Before the 2010s sneaker resell boom, eBay was the place to buy and sell rare pairs. Many sneaker enthusiasts have abandoned it since in favor of platforms dedicated to sneakers, but it still has its uses. If you're looking for a non-hyped sneaker or a steal on something, go to eBay. Going back and forth with sellers via private messages can be a hassle, but eBay has been cutting fees lately in an effort to keep sneaker consumers on its platform. It also offers worn shoes, unlike many more shoe-focused spots. It may not be as sleek as StockX, but there's still plenty reason to shop here. —​Brendan Dunne

Urban Necessities

Website: urbannecessities.com

Urban Necessities is a relative newcomer in the reselling game. The brand got its start in uncluttered sneaker landscape of the Las Vegas desert before branching out to the much more crowded NYC scene more recently. Founder Jaysse Lopez, aka TwoJsKicks, put his store on the map with a sneaker Key Master game—a claw machine type device that gives customers a chance to purchase plays for a chance to win sneakers. The brand’s online shop offers a wide variety of brands in both new and used condition, as well as streetwear like Supreme and Bape. —​Zac Dubasik

Sole Stage

Website: solestage.com

My momma told me, you better shop around. And that's why it's good that there are so many different secondary market stores out there. Find the right shoes, the best price. Sole Stage is a newcomer compared to places like Flight Club, but the retailer already has locations in New York City and Los Angeles. And it also sells more than just sneakers, with a bevy of streetwear on its site. My Full Size Run co-host Trinidad James said he preferred Sole Stage over Flight Club when it came to getting his G-Dragon x Nike Air Force 1s. The only co-sign I need. —Matt Welty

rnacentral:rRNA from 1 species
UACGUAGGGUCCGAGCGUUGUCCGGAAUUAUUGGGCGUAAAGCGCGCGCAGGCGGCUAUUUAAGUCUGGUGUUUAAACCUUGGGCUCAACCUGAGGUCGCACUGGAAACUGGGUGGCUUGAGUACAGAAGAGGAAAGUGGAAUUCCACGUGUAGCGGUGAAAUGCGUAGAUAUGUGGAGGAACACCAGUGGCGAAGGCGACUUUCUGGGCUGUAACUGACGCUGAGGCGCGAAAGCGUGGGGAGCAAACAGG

KLEKT

Website: klekt.com

Looking for something a bit more obscure or live in Europe? KLEKT has long been the marketplace for that. It has Yeezys, Jordans, and the usual fare. But it's also the place to find old New Balance collaborations, ASICS Gel-Lyte IIIs, and more Euro-centric footwear that doesn't come around sites like StockX and Flight Club as often. It's also a buy and sell marketplace, so you can unload unusual sneakers in your collection here. —​Matt Welty

Sole Collector App

Download: iOS

Where is the most comprehensive place to check for prices across all the most popular reselling platforms? Sole Collector's new app, which has a database of almost 40,000 sneakers. Users can search popular pairs with this tool and compare prices for them on StockX, Stadium Goods, and Flight Clubs. Plus, fans of shows like Sneaker Shopping and Full Size Run can buy the sneakers mentioned in their favorite episodes. This is your universal tool for sneaker collecting. —​Brendan Dunne